by Tracy Sternberg, NC TECH — September 26, 2020
In wake of RBG’s passing, NC TECH’s Women in Tech Summit brings home call for action
Editor’s note: Tracy Sternberg is the Director of Programs + Sponsorship at the North Carolina Technology Association (NC TECH). The Summit was recorded and is available for download. More information about NC TECH is available at www.nctech.org.
RALEIGH — Last week, we all learned of the news of the passing of Ruth Bader Ginsberg – a true leader, patriot and pioneer. Her death has given us the opportunity to reflect, especially as we at NC TECH launched our inaugural Summit for Women in Tech over the past couple of days.
While opportunities for women have certainly improved over the past few decades, there is still a lag in job opportunities, promotion and pay – especially in the tech sector. North Carolina ranks 1st among the states in the percentage of women in IT positions, but the total percentage, 35.5%, is not where it should be. There is much work to be done to fill our tech jobs pipeline with more women, especially women of color.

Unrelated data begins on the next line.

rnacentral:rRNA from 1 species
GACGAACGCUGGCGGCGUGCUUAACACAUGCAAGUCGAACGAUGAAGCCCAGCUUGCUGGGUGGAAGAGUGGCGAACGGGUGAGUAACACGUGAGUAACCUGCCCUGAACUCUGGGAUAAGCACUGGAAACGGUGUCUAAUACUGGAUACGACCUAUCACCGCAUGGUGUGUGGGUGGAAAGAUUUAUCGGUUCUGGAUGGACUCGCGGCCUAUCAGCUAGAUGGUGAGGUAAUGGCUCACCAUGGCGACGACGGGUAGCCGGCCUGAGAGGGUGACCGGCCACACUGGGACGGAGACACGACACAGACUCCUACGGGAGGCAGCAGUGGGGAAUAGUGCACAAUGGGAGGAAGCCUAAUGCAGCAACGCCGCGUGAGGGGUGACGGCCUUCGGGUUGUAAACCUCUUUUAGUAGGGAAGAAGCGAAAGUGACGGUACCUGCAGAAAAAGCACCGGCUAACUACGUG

The Summit for Women in Tech kicked off with former North Carolina AT&T State Executive, now CEO of the Dallas Mavericks, Cynt Marshall who shared her insights and experiences around diversity and inclusion, especially in terms of women. She shared some personal stories about her career journey including pieces of advices from several of the mentors who helped her along her career journey. Her HASU approach – Hook a Sister Up – is one she often shares where she believes in bringing women along with her as she had made her way up the corporate ladder. This, along with several other elements, are an important part of her personal and professional diversity, equity and inclusion strategy.
In a panel discussion that featured speakers from Infinia ML, Inmar Intelligence, SAS and VACO, the conversation turned to the topic of Invisible Women – Exposing Data Bias in a World of Men. During this discussion, these data and analytics leaders talked about unconscious bias, how gender bias has impacted product design and implementation for decades, and ideas and suggestions for shifting these biases for real change. They also focused on how to engage more girls and young women in the artificial intelligence (AI), data and analytics pipeline by sharing what career opportunities look like, showing them how these areas impact our community and the world, and the good that comes from this work as well as how dynamic and fun this career track is.